Friday, September 11, 2015

Saturday, September 5, 2015 -- Month #6 - Week #29 - Day #201 - Santa Cruz de Yojoa

September 5, 2015

Aaaaaaand we moved.  Honduras-style, of course, so that made everything more interesting.

In the morning we packed our suitcases and bags and everything and hauled that ourselves, about 3 blocks or so, uphill on a 40 degree incline, on all those blessed rocks to our (actual) house. We were very grateful that it's a relatively short journey, pulling everything and hauling backpacks and stuff, I actually felt like a pioneer for a few minutes and remembered the Trek I went on... although I think this time everything felt a lot heavier. Anyways, we got kinda tired from that.
Our new house!
[Duplex with Stake Presidents mother]

Sweet dreams for me!

 We returned to the member's house and got everything else packed up and clean (for it to get dirty again when we move, of course, as that always happens) and had lunch. Did a few visits, because at around 6:00 pm the elderes and a member with a truck came by to help us move the mini fridge, beds, mattresses, and the bigger stuff from the second story of the member's house. So that was helpful. I need to mention though, at about 5:00 pm it began to have another storm (usually gets rainy and cloudy around 5:00 pm every day, but it's been storming quite regularly this week) and we got worried about that. The power also went out and stayed out until about 7:30 pm.  So it was cloudy and rainy and dark and stormy, but the rain stopped just in time for us to move everything over to our house. So (in the dark, with flashlights) we put everything in the truck bed, and drove it over to our house, unloaded and did a second trip. Fun things about moving in the dark: you tend to get, in every literal sense, clothes-lined. You also have a much higher possibility of losing house keys, which happened. First with the clothes-lining: as we don't have dryers here, we have everything on clotheslines outside. But, somehow these lines had gone slack, and hung very low. With the lights being out, it's really hard to see. So, as we were moving stuff around and everything, both Elder Pocock and I ran into those blessed lines. I hit on my neck, and that made it hang lower, so it hit him around tummy level, as he's a little taller than me. So that was interesting. And then with the keys getting lost (we found them the next day when there was light, so it's all good) the member with the truck and his brother and both Elderes Pocock and Olivas all tried to shimmy open the lock with credit cards, driver's liscences, and all sorts of stuff, which was all quite funny, actually, so we were able to laugh in the midst of a somewhat stressful situation. Finally we had to break a little glass window slat to insert a mop handle and open the door like that, but the member with the truck owns and works in a glass shop, so he'll come and repair it, no problem.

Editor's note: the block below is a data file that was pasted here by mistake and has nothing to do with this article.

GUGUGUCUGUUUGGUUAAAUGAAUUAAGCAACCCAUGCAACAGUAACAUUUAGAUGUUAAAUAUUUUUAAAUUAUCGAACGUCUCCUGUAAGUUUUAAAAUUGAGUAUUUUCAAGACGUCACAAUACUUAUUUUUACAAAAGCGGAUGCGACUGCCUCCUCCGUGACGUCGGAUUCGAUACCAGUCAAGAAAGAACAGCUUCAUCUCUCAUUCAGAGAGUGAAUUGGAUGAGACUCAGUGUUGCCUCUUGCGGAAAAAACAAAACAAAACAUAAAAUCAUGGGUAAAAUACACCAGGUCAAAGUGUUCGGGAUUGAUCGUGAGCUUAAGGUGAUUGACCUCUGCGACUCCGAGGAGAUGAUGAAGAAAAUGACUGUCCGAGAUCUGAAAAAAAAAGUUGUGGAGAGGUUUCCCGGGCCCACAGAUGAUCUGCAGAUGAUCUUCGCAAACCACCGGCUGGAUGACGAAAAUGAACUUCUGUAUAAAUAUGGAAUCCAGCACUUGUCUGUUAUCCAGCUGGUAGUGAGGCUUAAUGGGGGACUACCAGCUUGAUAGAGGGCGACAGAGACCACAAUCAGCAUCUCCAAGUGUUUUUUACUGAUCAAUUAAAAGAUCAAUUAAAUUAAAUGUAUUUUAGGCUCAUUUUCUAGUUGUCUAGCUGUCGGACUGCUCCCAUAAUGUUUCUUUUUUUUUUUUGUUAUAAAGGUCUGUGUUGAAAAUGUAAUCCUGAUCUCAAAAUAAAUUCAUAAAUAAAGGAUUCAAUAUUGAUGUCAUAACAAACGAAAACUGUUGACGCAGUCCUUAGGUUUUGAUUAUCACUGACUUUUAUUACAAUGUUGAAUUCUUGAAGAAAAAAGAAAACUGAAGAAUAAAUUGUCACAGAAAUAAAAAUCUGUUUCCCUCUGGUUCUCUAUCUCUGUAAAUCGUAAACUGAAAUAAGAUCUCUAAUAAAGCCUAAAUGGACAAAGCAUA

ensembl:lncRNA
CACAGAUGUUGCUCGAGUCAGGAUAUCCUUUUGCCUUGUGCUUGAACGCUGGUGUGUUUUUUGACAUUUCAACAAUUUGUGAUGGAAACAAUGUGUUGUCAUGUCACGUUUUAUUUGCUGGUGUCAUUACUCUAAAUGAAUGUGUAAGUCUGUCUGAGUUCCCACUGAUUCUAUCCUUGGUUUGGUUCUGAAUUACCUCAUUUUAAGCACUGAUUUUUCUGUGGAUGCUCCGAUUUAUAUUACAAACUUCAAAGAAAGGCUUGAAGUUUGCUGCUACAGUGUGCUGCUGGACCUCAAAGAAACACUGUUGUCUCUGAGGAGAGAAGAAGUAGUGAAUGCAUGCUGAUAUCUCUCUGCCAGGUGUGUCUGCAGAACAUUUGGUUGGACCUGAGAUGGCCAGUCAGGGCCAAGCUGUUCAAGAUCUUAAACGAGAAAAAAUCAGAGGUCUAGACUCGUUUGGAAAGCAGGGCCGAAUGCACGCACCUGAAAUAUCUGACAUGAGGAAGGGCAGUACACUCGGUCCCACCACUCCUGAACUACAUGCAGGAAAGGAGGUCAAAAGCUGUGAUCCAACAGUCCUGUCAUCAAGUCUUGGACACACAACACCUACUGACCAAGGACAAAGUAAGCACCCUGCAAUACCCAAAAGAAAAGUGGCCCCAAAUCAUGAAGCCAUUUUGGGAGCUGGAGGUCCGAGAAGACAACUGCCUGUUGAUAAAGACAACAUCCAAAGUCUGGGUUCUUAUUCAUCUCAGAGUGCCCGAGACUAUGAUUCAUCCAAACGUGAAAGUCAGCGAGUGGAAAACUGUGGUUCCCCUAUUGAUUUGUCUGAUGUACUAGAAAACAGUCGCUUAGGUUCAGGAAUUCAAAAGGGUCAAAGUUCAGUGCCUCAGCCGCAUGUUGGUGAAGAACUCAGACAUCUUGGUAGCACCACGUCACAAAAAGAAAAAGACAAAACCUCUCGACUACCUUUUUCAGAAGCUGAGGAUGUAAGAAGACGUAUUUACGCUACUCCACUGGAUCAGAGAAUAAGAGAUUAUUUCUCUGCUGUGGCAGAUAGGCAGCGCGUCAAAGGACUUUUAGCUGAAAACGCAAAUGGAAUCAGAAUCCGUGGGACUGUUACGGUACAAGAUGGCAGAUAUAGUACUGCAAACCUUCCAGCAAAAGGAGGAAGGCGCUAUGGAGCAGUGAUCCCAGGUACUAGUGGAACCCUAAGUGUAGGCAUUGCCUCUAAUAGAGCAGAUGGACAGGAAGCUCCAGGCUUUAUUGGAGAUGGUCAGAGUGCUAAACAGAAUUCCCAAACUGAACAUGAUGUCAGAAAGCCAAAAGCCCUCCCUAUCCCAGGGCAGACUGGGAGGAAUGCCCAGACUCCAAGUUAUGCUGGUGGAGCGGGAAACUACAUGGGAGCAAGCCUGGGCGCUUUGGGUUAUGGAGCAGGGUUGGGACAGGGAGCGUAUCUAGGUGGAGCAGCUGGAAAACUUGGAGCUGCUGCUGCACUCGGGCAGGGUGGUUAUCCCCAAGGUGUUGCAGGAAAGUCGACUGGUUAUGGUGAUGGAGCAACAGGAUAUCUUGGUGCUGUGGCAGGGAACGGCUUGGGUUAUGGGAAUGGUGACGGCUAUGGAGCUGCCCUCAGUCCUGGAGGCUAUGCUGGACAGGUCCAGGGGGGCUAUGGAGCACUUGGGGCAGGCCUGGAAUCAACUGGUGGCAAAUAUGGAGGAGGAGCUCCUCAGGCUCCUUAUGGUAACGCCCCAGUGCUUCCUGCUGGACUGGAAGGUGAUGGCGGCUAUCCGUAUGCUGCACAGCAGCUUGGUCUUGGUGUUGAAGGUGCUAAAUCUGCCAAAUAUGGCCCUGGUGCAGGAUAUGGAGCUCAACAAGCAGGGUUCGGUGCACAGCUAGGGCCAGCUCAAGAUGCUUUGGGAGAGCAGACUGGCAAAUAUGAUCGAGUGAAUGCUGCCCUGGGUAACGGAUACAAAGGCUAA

Broken window

So we finally got everything into the house and unpacked and in the end it actually turned out well. So we're very grateful for all the help from the elderes and the 2 brothers, and that it didn't rain while we were moving stuff around,  and that we could get into our house and sleep, and that we found the keys, and now everything's ok. Crazy adventures over here in Honduras, man.

No comments:

Post a Comment